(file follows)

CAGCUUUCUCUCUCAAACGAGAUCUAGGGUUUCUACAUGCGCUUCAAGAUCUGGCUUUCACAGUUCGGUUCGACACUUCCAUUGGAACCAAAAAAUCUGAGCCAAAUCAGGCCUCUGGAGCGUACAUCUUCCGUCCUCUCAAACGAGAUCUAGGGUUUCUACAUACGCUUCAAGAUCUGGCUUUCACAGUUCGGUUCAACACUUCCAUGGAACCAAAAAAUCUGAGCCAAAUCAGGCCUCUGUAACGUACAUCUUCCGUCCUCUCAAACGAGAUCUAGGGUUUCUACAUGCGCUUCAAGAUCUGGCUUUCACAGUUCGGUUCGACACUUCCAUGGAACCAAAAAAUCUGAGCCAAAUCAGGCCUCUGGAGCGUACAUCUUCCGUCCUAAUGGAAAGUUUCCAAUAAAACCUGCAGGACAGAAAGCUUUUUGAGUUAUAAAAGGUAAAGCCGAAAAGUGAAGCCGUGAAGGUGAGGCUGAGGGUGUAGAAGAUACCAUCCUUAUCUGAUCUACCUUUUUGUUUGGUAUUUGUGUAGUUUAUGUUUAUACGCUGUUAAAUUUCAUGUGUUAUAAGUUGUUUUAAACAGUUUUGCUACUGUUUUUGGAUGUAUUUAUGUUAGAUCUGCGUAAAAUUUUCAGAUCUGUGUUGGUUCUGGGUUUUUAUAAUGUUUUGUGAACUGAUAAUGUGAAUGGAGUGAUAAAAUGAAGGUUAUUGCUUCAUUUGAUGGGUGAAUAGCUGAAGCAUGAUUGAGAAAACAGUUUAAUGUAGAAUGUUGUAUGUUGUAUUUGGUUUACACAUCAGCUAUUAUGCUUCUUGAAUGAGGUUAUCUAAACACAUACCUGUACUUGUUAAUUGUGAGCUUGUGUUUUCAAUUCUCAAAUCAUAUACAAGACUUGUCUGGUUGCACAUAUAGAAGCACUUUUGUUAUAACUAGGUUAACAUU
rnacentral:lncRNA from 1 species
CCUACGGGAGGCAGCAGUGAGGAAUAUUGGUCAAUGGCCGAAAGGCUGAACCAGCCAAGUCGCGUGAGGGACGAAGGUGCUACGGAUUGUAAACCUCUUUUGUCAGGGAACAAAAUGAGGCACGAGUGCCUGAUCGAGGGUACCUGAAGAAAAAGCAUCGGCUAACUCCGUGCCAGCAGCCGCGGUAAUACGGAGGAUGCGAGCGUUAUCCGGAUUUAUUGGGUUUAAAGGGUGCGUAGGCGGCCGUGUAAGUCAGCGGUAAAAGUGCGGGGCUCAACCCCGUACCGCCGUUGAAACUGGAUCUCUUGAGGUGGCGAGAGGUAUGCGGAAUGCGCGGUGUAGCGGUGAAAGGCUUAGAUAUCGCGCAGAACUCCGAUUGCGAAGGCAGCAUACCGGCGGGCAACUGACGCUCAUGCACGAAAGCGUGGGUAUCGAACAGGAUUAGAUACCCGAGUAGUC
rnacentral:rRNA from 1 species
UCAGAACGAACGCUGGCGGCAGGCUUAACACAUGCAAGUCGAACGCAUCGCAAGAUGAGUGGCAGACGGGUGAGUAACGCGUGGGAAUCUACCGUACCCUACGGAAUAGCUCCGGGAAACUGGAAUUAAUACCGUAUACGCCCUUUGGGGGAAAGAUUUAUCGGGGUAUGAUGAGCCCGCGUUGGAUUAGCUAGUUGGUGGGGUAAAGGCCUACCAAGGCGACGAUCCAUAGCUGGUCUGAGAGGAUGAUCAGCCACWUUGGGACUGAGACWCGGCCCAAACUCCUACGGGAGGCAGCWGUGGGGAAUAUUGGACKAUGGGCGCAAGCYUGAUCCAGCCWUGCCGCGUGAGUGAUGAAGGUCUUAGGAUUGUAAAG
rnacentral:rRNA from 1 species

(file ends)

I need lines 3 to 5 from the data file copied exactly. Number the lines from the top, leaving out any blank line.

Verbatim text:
CCUACGGGAGGCAGCAGUGAGGAAUAUUGGUCAAUGGCCGAAAGGCUGAACCAGCCAAGUCGCGUGAGGGACGAAGGUGCUACGGAUUGUAAACCUCUUUUGUCAGGGAACAAAAUGAGGCACGAGUGCCUGAUCGAGGGUACCUGAAGAAAAAGCAUCGGCUAACUCCGUGCCAGCAGCCGCGGUAAUACGGAGGAUGCGAGCGUUAUCCGGAUUUAUUGGGUUUAAAGGGUGCGUAGGCGGCCGUGUAAGUCAGCGGUAAAAGUGCGGGGCUCAACCCCGUACCGCCGUUGAAACUGGAUCUCUUGAGGUGGCGAGAGGUAUGCGGAAUGCGCGGUGUAGCGGUGAAAGGCUUAGAUAUCGCGCAGAACUCCGAUUGCGAAGGCAGCAUACCGGCGGGCAACUGACGCUCAUGCACGAAAGCGUGGGUAUCGAACAGGAUUAGAUACCCGAGUAGUC
rnacentral:rRNA from 1 species
UCAGAACGAACGCUGGCGGCAGGCUUAACACAUGCAAGUCGAACGCAUCGCAAGAUGAGUGGCAGACGGGUGAGUAACGCGUGGGAAUCUACCGUACCCUACGGAAUAGCUCCGGGAAACUGGAAUUAAUACCGUAUACGCCCUUUGGGGGAAAGAUUUAUCGGGGUAUGAUGAGCCCGCGUUGGAUUAGCUAGUUGGUGGGGUAAAGGCCUACCAAGGCGACGAUCCAUAGCUGGUCUGAGAGGAUGAUCAGCCACWUUGGGACUGAGACWCGGCCCAAACUCCUACGGGAGGCAGCWGUGGGGAAUAUUGGACKAUGGGCGCAAGCYUGAUCCAGCCWUGCCGCGUGAGUGAUGAAGGUCUUAGGAUUGUAAAG